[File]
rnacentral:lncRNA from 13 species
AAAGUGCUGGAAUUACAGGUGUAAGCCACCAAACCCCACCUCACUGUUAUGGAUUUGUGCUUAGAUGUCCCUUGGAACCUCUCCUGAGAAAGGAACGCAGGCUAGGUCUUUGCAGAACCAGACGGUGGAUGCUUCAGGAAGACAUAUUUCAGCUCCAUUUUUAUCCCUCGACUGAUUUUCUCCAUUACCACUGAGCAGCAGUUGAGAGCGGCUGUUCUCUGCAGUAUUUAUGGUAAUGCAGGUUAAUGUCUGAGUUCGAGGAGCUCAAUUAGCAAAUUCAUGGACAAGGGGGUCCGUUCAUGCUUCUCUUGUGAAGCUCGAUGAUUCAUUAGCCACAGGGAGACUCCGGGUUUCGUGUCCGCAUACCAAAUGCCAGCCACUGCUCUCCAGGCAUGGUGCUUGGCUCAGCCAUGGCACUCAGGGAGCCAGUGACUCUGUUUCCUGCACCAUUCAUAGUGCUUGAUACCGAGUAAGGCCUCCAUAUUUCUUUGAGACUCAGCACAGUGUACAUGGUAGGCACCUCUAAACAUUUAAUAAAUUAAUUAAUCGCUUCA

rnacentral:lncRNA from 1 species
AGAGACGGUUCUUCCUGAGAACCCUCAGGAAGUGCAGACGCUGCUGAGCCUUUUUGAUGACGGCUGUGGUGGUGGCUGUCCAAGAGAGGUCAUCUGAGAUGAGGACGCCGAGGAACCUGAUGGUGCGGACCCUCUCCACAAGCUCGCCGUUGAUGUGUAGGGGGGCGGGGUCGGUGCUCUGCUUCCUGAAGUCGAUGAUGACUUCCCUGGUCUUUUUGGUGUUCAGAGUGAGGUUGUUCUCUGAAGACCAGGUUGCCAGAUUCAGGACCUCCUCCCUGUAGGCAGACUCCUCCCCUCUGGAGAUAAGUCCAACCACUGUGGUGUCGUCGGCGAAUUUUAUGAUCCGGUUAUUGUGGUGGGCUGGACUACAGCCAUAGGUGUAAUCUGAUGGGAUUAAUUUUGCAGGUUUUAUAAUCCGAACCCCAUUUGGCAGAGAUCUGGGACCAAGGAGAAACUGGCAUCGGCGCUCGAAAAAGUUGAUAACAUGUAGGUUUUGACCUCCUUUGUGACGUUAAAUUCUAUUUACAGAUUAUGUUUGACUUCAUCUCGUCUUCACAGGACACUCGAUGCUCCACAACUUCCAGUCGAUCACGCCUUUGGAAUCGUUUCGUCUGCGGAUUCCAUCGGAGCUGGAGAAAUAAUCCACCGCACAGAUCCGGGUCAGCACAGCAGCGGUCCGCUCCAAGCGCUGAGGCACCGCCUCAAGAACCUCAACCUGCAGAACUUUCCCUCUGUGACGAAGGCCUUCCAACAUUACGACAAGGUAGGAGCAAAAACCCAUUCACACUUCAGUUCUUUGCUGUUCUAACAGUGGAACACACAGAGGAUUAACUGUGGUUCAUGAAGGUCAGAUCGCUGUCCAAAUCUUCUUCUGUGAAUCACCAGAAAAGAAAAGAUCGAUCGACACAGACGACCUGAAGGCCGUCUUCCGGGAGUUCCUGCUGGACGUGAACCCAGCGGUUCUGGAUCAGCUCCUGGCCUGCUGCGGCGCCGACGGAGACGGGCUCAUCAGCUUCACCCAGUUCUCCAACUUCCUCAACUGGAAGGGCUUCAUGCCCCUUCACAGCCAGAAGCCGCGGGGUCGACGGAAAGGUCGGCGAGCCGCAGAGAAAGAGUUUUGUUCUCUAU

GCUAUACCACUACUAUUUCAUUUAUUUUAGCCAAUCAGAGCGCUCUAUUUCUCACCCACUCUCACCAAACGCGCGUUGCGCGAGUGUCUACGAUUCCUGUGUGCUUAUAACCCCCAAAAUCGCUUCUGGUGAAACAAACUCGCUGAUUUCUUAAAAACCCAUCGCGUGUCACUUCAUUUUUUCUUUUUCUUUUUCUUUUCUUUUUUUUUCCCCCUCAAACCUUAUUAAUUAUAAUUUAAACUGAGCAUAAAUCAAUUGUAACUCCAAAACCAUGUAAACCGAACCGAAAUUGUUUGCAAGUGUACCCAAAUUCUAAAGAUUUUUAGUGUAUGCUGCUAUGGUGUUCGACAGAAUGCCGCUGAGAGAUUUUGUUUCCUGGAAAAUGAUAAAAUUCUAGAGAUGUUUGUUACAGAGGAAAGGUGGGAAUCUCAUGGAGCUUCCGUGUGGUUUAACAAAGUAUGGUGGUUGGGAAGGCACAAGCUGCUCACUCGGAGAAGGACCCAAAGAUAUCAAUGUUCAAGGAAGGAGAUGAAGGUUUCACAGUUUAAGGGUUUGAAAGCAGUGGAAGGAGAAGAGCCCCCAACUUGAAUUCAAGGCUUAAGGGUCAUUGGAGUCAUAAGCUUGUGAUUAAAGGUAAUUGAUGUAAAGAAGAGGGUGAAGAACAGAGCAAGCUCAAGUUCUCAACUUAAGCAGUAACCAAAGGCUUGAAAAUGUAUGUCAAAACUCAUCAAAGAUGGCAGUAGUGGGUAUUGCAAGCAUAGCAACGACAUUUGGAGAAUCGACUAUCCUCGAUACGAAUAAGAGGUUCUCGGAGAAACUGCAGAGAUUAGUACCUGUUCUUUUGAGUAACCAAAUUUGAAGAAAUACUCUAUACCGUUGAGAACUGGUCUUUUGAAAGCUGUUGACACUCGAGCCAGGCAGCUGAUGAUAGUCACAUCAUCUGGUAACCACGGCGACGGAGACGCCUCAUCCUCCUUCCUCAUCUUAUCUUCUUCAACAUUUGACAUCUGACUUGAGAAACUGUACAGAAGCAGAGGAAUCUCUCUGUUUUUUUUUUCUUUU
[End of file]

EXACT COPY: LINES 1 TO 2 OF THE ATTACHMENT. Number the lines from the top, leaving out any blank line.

rnacentral:lncRNA from 13 species
AAAGUGCUGGAAUUACAGGUGUAAGCCACCAAACCCCACCUCACUGUUAUGGAUUUGUGCUUAGAUGUCCCUUGGAACCUCUCCUGAGAAAGGAACGCAGGCUAGGUCUUUGCAGAACCAGACGGUGGAUGCUUCAGGAAGACAUAUUUCAGCUCCAUUUUUAUCCCUCGACUGAUUUUCUCCAUUACCACUGAGCAGCAGUUGAGAGCGGCUGUUCUCUGCAGUAUUUAUGGUAAUGCAGGUUAAUGUCUGAGUUCGAGGAGCUCAAUUAGCAAAUUCAUGGACAAGGGGGUCCGUUCAUGCUUCUCUUGUGAAGCUCGAUGAUUCAUUAGCCACAGGGAGACUCCGGGUUUCGUGUCCGCAUACCAAAUGCCAGCCACUGCUCUCCAGGCAUGGUGCUUGGCUCAGCCAUGGCACUCAGGGAGCCAGUGACUCUGUUUCCUGCACCAUUCAUAGUGCUUGAUACCGAGUAAGGCCUCCAUAUUUCUUUGAGACUCAGCACAGUGUACAUGGUAGGCACCUCUAAACAUUUAAUAAAUUAAUUAAUCGCUUCA